Health chief makes quiet impact
Chiyome Leinaala Fukino is hoping
to improve treatment for native Hawaiians
By Helen Altonn
Hawaii's new part-Hawaiian health director might have had a different career path if she had a louder voice.
HAWAII DEPARTMENT OF HEALTH
Chiyome Leinaala Fukino said it's a family joke that she became a doctor because no one would pay her to sing.
Growing up in Kalihi, Chiyome Leinaala Fukino and her four brothers and three sisters were required by their parents, Richard and Julia May Kealalio Fukino, to sing or play the piano or both, she said. Some became entertainers.
"It's a family joke that I became a doctor because no one would pay me to sing," she said, laughing. "I used to play the piano, and I can sing backup but I have a very soft voice." Her deputy director, Jane Kadohiro, signals her if people cannot hear her when she's talking, she said.
Fukino, 52, said her father stressed education because he could not go to college as a youth. (He went to the University of Hawaii, earning a fine-arts degree, after suffering a stroke at age 46.) She said he would encourage his children: "If you want to be a nurse, why don't you be a doctor? If you want to be a secretary, why don't you be a lawyer?"
He did not live to see her become the first woman to head Hawaii's Department of Health, but he was "very happy" about her profession in internal medicine, she said. Her brother Wayne also went to medical school and is a primary-care physician on Kauai.
The new health director had a rocky introduction to the political and bureaucratic system when community health centers loudly protested a proposed $1.6 million appropriations cut by her department.
The money turned out to be in a fund the administration could not touch. Fukino said it is being released, and she plans to talk to the centers about sustained funding and ways to reduce costs.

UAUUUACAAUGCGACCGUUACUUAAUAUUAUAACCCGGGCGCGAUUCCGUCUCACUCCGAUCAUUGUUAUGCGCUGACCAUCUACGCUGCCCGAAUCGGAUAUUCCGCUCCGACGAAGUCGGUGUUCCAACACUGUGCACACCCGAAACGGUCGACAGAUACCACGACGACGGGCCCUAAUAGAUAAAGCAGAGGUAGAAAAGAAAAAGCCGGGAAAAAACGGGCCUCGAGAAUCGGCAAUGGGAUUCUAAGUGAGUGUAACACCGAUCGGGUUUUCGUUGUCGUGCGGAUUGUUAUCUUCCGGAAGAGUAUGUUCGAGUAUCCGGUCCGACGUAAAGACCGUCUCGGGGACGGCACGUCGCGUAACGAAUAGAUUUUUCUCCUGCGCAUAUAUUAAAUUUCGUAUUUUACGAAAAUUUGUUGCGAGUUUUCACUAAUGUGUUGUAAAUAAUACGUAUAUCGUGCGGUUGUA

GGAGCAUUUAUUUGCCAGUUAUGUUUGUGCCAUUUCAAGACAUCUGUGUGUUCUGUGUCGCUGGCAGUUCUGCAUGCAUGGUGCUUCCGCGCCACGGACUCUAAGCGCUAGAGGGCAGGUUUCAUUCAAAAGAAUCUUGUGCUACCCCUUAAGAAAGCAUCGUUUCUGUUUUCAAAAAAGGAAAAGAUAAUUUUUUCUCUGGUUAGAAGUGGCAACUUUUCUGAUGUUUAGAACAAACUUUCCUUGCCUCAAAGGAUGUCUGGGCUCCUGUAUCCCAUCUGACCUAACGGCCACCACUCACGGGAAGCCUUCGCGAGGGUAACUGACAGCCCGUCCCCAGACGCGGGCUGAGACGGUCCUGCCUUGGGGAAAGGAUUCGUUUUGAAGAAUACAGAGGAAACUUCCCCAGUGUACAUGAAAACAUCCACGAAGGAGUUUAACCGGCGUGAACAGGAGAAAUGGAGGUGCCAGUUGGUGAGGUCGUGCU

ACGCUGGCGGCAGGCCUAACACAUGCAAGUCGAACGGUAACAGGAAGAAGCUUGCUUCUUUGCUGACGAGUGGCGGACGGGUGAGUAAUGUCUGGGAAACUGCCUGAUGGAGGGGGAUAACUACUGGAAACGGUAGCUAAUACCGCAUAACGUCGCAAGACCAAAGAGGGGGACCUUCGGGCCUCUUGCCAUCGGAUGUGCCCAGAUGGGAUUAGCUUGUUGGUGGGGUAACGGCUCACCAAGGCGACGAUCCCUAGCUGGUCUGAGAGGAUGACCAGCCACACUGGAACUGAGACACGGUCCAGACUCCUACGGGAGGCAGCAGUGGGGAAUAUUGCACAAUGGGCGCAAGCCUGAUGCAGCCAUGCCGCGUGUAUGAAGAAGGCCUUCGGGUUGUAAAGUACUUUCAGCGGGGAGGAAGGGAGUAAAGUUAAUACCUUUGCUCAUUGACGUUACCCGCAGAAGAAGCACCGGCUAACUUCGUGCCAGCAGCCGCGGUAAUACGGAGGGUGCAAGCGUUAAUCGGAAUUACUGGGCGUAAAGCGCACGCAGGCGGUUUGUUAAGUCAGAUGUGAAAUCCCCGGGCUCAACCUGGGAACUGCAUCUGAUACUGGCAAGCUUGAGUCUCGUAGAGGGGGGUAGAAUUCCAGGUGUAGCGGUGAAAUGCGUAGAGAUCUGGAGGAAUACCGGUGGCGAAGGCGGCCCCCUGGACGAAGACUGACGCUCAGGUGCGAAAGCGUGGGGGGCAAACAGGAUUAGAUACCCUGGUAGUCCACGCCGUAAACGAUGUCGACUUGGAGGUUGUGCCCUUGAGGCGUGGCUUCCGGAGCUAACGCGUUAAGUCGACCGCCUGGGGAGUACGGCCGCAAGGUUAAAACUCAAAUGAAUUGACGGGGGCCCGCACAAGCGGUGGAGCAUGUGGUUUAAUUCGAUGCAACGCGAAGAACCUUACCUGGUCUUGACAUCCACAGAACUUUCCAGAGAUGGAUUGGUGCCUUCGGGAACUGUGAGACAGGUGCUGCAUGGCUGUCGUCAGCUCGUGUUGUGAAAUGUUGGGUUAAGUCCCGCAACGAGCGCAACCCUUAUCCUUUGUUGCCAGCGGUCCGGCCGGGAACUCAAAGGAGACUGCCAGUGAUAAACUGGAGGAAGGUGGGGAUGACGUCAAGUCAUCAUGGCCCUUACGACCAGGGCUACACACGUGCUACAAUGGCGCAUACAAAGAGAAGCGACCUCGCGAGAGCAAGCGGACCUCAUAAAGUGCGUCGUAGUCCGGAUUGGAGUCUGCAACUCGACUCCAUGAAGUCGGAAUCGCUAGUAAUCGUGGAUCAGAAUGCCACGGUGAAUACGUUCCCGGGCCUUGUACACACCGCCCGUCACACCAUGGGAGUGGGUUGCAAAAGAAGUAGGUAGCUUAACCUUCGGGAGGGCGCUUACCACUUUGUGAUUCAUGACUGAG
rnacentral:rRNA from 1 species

She and Kadohiro consider it an early day if they leave the office by 10 p.m., but Fukino said: "I'm enjoying it, oddly enough. It's really challenging, and I'm serious about the opportunities to make a difference. All the years I worked on native Hawaiian issues ... although we did a lot of good work, ideas may not be advanced beyond a certain point."
She was instrumental in helping native Hawaiian health-care providers form the nonprofit organization E Ola Mau to improve access of native Hawaiians to the health system and traditional healing.
One of her goals now is to make systemic changes for long-term improvements in access and appropriate treatment for native Hawaiians and other ethnic groups.
"It will be very helpful to have a health director familiar with Hawaiian health issues," said Hardy Spoehr, executive director of Papa Ola Lokahi, nonprofit public and private group devoted to improving health care for native Hawaiians. "Chronic disease rates (among Hawaiians) haven't gotten any better."
While attending Kamehameha Schools, Fukino said she was advised against medicine because it was not a common field for women. She decided to be a psychologist when she went to Brandeis University on scholarships. Returning home, she worked for one year in speech pathology and audiology.